We don’t remember our Ungu in his young days, for us he was always there , strong and stout spreading shade in all seasons. We love and hold tight to the memories we share under the shade of the tree.. The happy family time when chairs were pulled out to sit in the the courtyard and evenings were spent talking and discussing countless topics sitting under the tree. That time of the day was the most favourite time of our father..

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The tree was a solace, a comfort after our father has left us. The tree was a symbol, the shade that achan gave us literally and metaphorically.

At a time when this tree was not so common, achan got the sapling from Neeliyad, where a beautiful Ungu stood spreading his arms giving shade to the wayfareres. I can’t recollect the young tree however much I try and I always love to visualise the tree in his majestic form.

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Hot summer afternoons of April-May would be filled with chirps and cries of jungle babblers, rufous treepies, drongos, bulbuls and many birds that perch on the branches. Among his boughs he provided sanctuary to all these winged friends. As years passed the pretty antigonon started stiffling the tree and smothred him by decking him with bunches of her fuschia pink blossoms. The tree hosted a variety of swiss cheese plant, thadiyante valli as we called it, that never troubled him but added grace. The murmur of the leaves, the mild scent of the blooms, the sometimes profound and sometimes tender green of the leaves, the energy that emanates.. all could bring an unexplainable calmness to the mind while sitting in our balcony staring at the tree.

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The tree became synonymous with our home Kousthubham, The Ungu stood next to the entrance gate like a sentinel, rooted firmly in the earth, a silent witness to our joys and sorrows; he has witnessed all the goodbyes, all the jokes we shared sitting on the veranda, all the games our children played. As Ungu was right in front of the house, he could peep into the house, could listen to the activties happening upstairs, he would have known the feelings of the inmates, would have laughed and cried with us; he has seen our children grow, the changes that came over to the house. Ungu was our achan’s presence.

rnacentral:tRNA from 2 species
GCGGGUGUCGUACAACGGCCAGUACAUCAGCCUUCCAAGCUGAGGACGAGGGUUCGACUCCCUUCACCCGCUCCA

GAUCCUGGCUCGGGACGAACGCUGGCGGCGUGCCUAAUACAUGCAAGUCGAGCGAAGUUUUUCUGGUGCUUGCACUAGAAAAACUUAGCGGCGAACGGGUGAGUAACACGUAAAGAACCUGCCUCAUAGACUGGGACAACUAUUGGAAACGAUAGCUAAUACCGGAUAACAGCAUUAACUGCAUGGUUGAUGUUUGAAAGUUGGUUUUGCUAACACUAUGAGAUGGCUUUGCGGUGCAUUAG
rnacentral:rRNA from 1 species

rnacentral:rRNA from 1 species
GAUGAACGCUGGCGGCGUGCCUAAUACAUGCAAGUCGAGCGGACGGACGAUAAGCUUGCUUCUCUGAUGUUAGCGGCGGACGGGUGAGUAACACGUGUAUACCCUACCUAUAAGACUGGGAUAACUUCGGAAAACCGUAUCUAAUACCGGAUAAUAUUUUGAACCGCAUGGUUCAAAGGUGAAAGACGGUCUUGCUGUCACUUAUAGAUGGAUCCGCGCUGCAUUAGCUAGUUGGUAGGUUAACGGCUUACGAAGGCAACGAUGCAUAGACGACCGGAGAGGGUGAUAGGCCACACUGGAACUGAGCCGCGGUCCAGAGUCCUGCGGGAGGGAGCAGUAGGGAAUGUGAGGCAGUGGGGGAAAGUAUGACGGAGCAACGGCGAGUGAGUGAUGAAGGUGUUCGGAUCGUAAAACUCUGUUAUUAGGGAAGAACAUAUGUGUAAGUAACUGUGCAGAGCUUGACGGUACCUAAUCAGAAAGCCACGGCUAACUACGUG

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He stood seasons of time, elements did not dare touch him; he never did bend or break in the heavy Kerala monsoons all those thirty plus years. He was as old as the house, the house changed, he aged gracefully, remained more or less unchanged. He welcomed and received the first rays of the sun that touched Anakkara, he bathed himself in the milky beams of hundreds of full moons as he majestically stood facing the east, as nothing hindered his view but the shallow paddy fields.

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Antigonon or Coral Vine, the usurper

His presence was taken for granted, until the floods that happened two consecutive years. Being a small town, everyone in the neighbourhood has an opinion about everything ; how the Ungu is going to be a threat to the house was a heated topic of debate very soon. Blake rightly has said ” The tree which moves some to tears of joy is in the eyes of others only a green thing that stands in the way...” As the compound wall crumbled down with the flood that struck Anakkara last year, pros and cons were weighed ,decision was taken to cut down the tree and rebuild a new wall ….

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With a silent prayer in his heart the tree would have fallen down, heart broken. He would have sadly smiled at the hasty decision, also at the non-intervention of those who love him. He would have sighed and reflected upon at the similarity between the brevity of his master’s and his life. He would have closed his eyes with the assurance that changes or loss, this would remain their home and that he was part of those memories that Time would not be able to erase from their hearts.

Nothing is ever really lost to us as long as we remember it~ Lucy Maud Montgomery

“His bill an auger is…”